The juice from the six plants is collected and placed in an instrument called a refractometer, which measures the amount of light refracted in units called Brix. This Brix value is highly correlated to sugar content of the juice, Bean said, adding it is the sugar from sorghum that is converted into ethanol.

In 2009 studies, it was estimated that irrigated sweet sorghum produced 200 gallons of ethanol per acre, while the dryland sweet sorghum made about 80 gallons of ethanol per acre. Bean said this was assuming that 65 percent of the juice could be extracted from the sorghum.

He said it is possible that a commercial mill might approach 95 percent recovery of juice, which would greatly increase the potential amount of ethanol produced.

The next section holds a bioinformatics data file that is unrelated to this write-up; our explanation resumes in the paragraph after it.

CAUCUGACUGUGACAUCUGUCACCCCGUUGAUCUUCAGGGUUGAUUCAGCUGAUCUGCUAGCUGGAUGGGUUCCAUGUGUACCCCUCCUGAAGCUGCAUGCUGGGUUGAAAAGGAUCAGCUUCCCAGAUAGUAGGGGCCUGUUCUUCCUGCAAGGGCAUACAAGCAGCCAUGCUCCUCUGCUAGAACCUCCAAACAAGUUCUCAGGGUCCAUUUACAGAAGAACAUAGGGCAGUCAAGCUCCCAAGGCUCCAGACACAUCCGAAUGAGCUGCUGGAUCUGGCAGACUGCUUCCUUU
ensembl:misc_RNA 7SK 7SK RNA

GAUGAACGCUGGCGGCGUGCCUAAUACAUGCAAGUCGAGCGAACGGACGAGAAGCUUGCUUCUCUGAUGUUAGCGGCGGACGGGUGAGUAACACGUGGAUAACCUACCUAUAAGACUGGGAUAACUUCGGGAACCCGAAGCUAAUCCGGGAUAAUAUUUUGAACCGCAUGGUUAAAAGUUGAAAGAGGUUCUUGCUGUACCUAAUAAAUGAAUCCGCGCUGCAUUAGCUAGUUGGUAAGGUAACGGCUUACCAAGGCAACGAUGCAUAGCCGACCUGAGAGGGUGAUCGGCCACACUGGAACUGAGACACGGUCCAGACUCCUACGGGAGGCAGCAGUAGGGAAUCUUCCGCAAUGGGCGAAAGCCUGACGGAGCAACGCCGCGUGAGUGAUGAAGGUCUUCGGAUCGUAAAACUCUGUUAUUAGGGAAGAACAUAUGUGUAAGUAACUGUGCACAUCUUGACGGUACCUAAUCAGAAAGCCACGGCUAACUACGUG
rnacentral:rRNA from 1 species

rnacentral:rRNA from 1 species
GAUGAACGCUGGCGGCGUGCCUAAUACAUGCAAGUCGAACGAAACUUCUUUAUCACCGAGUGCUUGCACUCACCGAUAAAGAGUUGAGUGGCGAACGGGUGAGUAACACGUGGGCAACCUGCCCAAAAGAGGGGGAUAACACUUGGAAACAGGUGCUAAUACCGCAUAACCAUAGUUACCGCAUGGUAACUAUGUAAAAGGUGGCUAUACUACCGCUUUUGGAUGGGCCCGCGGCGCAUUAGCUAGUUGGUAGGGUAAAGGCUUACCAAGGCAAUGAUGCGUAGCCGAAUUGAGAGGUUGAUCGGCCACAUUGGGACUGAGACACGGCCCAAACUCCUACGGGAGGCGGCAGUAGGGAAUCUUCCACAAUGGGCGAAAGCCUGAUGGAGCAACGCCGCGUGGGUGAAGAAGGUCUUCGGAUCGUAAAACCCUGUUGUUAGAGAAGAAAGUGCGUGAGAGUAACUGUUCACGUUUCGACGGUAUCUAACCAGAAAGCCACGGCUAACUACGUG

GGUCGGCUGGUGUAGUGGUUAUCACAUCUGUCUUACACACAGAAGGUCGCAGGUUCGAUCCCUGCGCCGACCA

A byproduct of removing the juice from the sorghum is the plant material left over, Bean said. This material is called bagasse, and can be placed back on the field as crop residue, used as cattle feed or possibly burned at an ethanol plant as an additional energy source.

The final step to the harvest testing process, Bean said, is to take a sample from each 10 feet of row and run it through a limb chopper. The chopped material is weighed to get a fresh weight and then dried to get the dry weight, which will help determine the percent of moisture of each sample.

"By doing that, we can calculate how much either dry matter or fresh matter we had on a per-acre basis," Bean said. "By knowing that and also knowing our sugar content from our juice, we can calculate ethanol on a per-acre basis."

 

SKledbetter@ag.tamu.edu